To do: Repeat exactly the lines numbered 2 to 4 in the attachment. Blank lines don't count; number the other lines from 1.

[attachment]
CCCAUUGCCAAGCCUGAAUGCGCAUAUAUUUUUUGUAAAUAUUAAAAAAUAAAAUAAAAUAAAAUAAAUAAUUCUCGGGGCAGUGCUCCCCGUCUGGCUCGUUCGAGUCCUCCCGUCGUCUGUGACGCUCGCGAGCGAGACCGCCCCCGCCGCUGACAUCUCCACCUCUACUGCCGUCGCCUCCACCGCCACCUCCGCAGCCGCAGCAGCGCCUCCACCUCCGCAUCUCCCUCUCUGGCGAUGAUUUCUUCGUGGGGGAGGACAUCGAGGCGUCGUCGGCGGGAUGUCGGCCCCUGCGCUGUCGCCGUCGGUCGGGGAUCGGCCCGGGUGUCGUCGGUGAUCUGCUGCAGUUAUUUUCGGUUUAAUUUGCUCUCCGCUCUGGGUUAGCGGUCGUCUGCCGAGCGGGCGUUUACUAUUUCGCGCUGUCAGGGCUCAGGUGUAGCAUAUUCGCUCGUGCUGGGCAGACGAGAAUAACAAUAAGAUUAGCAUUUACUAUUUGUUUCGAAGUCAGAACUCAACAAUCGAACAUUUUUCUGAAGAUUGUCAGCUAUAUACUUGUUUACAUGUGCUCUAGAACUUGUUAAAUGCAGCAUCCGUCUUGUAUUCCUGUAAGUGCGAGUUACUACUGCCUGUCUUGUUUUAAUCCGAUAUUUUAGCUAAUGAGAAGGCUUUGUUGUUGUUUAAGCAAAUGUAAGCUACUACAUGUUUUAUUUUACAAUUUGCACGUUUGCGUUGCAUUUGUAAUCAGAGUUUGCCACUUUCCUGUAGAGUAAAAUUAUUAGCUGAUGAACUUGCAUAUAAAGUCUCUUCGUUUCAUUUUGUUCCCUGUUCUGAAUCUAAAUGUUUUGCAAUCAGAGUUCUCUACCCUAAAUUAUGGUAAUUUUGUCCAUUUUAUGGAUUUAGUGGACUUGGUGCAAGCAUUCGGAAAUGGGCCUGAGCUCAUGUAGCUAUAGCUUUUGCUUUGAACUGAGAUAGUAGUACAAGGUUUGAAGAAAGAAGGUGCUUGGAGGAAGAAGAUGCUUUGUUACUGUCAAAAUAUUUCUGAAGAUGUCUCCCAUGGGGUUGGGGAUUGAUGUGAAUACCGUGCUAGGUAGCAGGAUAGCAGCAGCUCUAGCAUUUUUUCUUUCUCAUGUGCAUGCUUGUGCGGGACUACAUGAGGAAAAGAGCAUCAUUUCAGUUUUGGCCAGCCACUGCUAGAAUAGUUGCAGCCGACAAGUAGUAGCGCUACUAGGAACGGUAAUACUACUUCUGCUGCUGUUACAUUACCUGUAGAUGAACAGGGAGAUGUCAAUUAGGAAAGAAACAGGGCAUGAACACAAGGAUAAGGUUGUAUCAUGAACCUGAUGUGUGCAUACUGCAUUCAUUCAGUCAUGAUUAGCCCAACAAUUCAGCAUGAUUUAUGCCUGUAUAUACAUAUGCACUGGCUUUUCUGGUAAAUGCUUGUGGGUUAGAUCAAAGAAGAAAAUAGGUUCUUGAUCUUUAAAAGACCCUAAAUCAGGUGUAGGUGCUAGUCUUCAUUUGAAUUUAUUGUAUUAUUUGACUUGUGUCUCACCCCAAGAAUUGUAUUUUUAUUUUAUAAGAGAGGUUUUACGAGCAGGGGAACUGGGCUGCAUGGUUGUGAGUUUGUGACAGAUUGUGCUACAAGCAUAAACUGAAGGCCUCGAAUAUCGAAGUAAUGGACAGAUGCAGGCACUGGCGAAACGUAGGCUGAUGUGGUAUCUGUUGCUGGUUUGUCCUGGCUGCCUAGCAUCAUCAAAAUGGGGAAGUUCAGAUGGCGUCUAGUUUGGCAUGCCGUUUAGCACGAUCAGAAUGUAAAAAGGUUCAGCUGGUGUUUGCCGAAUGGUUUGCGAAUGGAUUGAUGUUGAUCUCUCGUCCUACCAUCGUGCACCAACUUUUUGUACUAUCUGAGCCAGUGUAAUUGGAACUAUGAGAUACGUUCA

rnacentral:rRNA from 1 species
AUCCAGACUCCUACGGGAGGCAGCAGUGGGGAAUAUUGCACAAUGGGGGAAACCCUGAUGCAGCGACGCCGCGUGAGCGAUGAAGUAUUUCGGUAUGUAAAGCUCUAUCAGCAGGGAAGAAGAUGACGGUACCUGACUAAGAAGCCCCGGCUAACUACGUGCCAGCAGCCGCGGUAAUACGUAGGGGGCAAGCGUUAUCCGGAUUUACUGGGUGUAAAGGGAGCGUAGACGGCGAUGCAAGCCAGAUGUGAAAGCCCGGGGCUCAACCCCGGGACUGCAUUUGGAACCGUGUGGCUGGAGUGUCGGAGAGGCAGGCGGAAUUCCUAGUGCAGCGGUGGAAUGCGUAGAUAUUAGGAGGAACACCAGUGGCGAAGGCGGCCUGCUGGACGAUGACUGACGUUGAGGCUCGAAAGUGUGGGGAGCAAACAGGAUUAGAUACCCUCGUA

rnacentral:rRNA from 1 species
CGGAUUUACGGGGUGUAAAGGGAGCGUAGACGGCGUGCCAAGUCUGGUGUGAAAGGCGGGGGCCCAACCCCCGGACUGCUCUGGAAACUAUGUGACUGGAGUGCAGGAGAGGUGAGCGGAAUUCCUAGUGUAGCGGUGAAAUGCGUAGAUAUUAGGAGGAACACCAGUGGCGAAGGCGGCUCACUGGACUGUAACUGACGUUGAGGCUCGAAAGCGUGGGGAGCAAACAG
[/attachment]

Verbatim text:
rnacentral:rRNA from 1 species
AUCCAGACUCCUACGGGAGGCAGCAGUGGGGAAUAUUGCACAAUGGGGGAAACCCUGAUGCAGCGACGCCGCGUGAGCGAUGAAGUAUUUCGGUAUGUAAAGCUCUAUCAGCAGGGAAGAAGAUGACGGUACCUGACUAAGAAGCCCCGGCUAACUACGUGCCAGCAGCCGCGGUAAUACGUAGGGGGCAAGCGUUAUCCGGAUUUACUGGGUGUAAAGGGAGCGUAGACGGCGAUGCAAGCCAGAUGUGAAAGCCCGGGGCUCAACCCCGGGACUGCAUUUGGAACCGUGUGGCUGGAGUGUCGGAGAGGCAGGCGGAAUUCCUAGUGCAGCGGUGGAAUGCGUAGAUAUUAGGAGGAACACCAGUGGCGAAGGCGGCCUGCUGGACGAUGACUGACGUUGAGGCUCGAAAGUGUGGGGAGCAAACAGGAUUAGAUACCCUCGUA

rnacentral:rRNA from 1 species